Andrew W. Lo (Massachusetts Institute of Technology)
David Brower Center, 2150 Allston Way, Berkeley
Financial AI seems so close, yet so far. We have automated trading algorithms, machine-learning models of credit risk, electronic exchanges, robo advisors, and cryptocurrencies, but machines still haven’t replaced portfolio managers, financial advisors, and bankers. So what’s missing? Not artificial intelligence. What's missing is that we have yet to develop an algorithmic understanding of human behavior as it is, rather than as it should be. In other words, we need a theory of artificial stupidity, and in this talk, Andrew Lo will motivate the need for this theory with several examples, and propose some first steps in constructing it.
Andrew W. Lo is the Charles E. and Susan T. Harris Professor at the MIT Sloan School of Management, the director of MIT’s Laboratory for Financial Engineering, a principal investigator in MIT’s Computer Science and Artificial Intelligence Lab, and an external professor at the Santa Fe Institute. He holds a B.A. in economics from Yale University and an A.M. and Ph.D. in economics from Harvard University. His most recent research focuses on systemic risk in the financial system; evolutionary approaches to investor behavior, bounded rationality, and financial regulation; and applying financial engineering to develop new funding models for biomedical innovation. Lo has published extensively in academic journals and his most recent book is Adaptive Markets: Financial Evolution at the Speed of Thought. His awards include Batterymarch, Guggenheim, and Sloan Fellowships; the Paul A. Samuelson Award; the Eugene Fama Prize; the IAFE-SunGard Financial Engineer of the Year; the Global Association of Risk Professionals Risk Manager of the Year; and awards for teaching excellence from both Wharton and MIT. Lo has also been selected as one of TIME Magazine’s “100 most influential people in the world.”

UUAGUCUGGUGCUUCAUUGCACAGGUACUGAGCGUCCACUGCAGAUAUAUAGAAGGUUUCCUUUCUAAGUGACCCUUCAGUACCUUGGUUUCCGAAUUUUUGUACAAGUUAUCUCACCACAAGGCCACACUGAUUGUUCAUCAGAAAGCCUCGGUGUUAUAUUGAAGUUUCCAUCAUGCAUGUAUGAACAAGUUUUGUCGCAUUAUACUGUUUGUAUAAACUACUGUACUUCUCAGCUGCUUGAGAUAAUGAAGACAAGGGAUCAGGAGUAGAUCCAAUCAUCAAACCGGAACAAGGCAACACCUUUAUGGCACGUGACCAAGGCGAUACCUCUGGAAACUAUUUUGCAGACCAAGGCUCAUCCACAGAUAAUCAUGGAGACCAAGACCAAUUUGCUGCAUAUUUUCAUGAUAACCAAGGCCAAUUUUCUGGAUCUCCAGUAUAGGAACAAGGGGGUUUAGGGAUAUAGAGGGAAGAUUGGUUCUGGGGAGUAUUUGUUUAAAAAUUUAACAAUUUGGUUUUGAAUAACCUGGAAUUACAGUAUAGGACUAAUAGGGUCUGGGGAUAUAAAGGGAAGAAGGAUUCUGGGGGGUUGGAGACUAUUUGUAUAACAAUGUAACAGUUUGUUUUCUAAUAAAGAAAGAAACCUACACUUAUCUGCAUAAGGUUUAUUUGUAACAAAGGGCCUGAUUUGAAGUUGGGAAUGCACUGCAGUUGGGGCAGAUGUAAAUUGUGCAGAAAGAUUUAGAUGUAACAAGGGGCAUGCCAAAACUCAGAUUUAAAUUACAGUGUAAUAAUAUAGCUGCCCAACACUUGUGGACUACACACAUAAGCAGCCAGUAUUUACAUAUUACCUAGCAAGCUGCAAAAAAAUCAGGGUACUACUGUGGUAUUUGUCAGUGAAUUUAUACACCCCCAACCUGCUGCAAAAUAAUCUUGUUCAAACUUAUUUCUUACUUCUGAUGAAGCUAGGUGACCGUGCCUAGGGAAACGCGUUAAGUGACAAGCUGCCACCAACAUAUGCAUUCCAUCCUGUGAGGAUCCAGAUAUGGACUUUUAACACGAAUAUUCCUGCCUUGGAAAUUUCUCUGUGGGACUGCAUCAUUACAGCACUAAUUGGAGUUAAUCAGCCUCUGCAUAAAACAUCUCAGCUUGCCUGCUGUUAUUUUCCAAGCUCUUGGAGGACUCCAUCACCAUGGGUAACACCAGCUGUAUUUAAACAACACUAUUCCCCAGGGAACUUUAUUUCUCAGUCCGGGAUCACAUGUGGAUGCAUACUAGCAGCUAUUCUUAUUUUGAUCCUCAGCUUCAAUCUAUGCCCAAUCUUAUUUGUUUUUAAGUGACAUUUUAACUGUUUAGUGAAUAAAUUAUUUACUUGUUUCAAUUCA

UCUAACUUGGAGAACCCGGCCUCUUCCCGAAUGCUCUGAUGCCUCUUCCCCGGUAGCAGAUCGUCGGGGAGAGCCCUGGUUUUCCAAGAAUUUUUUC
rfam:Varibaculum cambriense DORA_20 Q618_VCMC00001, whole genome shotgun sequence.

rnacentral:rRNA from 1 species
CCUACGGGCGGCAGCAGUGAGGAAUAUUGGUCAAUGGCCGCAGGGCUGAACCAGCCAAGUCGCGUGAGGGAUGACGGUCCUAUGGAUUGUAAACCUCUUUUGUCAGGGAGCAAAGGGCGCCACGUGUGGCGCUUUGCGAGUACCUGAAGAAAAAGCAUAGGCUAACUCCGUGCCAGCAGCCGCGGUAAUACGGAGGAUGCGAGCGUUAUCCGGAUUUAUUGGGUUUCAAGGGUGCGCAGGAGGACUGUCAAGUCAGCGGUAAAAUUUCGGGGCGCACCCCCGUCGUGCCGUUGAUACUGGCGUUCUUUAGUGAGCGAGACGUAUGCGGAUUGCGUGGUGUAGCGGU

Theoretically Speaking is a lecture series highlighting exciting advances in theoretical computer science for a broad general audience. Events are held at the David Brower Center in Downtown Berkeley, and are free and open to the public. No special background is assumed.
Seating is first come, first served. Light refreshments will be served before the lecture, at 5:30 p.m.